One afternoon I got a call from Ernie, Dad’s neighbor across the street. She (yes, “Ernie” was a woman) reported that earlier in the day my father had told her he was going to drive to the liquor store for a bottle of his favorite blended bourbon, Four Roses.

    Because of the proximity of Dad’s and Ernie’s houses, to say nothing of Ernie’s preternatural gift of being able to know what everyone on the block was doing at any given time, Ernie noticed that Dad’s car was gone for two or three hours.

    “I know he got lost driving to or from the liquor store,” Ernie told me, her voice betraying true concern. “The stubborn old cuss won’t admit that’s what happened, but you know how bad his memory is these days,” she said.

    Soon Dad moved to Kansas City, where I, his only child, lived with my family. He stayed with us for a while, but it was quickly apparent that he needed more care than we could give him. We found a nice apartment for him in a senior residence where meals were prepared, with a nursing unit nearby. Dad liked the place and became friends with several of the other retired people in the building. It was a ten minute drive from our house, so I could visit him every day.

    I’ve read that personality changes often accompany Alzheimer’s Disease. Most victims become more negative and cranky, but some—30% is the number that sticks in my own poor memory—become more positive and affectionate.

    Fortunately for both of us, my father was in the latter category. His gruff, teasing style gave way to a sweet, affectionate manner of relating to people. He even told me he loved me, something he’d never said before.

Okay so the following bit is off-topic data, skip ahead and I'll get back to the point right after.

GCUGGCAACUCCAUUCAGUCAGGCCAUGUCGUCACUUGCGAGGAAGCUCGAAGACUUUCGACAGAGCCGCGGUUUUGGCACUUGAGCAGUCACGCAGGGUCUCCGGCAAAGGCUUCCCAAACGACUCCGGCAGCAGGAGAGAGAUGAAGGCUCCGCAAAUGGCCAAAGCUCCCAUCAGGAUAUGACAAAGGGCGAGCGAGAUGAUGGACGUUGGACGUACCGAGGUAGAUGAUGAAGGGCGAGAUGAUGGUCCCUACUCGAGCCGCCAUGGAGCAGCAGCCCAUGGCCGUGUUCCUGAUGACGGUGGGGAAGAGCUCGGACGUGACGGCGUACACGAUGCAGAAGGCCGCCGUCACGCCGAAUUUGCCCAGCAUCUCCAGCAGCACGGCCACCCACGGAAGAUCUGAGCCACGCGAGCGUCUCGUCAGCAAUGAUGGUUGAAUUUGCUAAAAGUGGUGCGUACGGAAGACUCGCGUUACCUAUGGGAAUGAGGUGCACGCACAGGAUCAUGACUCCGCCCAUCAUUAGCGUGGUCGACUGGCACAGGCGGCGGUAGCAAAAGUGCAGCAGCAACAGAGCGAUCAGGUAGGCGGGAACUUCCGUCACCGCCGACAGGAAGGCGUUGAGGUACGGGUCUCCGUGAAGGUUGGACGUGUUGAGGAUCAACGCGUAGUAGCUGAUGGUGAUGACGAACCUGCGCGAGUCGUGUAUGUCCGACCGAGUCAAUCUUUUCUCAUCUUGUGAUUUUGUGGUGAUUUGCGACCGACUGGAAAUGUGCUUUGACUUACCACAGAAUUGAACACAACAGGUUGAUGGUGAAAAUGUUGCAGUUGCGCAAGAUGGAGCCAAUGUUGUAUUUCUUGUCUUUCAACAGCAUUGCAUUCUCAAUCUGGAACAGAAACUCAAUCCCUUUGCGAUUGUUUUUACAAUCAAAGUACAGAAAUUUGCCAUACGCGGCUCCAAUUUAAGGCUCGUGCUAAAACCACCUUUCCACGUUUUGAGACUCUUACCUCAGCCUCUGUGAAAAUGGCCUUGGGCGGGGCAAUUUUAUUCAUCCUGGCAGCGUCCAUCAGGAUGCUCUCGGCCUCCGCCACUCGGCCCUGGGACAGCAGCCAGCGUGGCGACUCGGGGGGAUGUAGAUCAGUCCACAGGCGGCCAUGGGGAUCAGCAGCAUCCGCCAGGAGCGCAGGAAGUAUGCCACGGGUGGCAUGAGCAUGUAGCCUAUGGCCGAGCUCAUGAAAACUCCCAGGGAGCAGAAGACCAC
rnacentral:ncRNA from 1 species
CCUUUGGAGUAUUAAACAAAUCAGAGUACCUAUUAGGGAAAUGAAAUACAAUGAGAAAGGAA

As far back as I can remember, Dad enjoyed the occasional Four Roses and 7-Up. If he had one drink, he might have a second; but never in my recollection did he drink to excess.

    However as Dad’s memory deteriorated, there were times when he would have a drink, then a second—and then, by his count, another “second” and yet another “second” after that. As a result, I tried to limit his access to alcohol.

    Since Dad had much more spare time than I did, though, he often outsmarted me. I didn’t worry too much about it at first, but one day I got another fateful afternoon phone call, this time from the director of the facility where Dad lived. “I think it might be time for your father to move to a place where he’ll have more supervision,” he said.

    “Why’s that,” I asked.

    “Well this morning I had complaints from the couple in the apartment beside his. They said he was singing The Battle Hymn of the Republic at the top of his lungs last night at midnight. They could hear him marching back and forth across his apartment, they said.”

    Thus it was that Dad moved to a Sutton Home Assisted Living house a mile east of the apartment building. It was an attractive residential property in a safe, pleasant area. He was one of four male residents. He loved sitting in the back garden, with its many flowers.

    Dad spent his final days there, happy and content, albeit sober. As I write this, he gazes at me from the three photos of him and my mother that sit on my desk. From the photo of him in his Army uniform, his sense of patriotism is obvious, but you’d never guess the man was such an enthusiastic singer.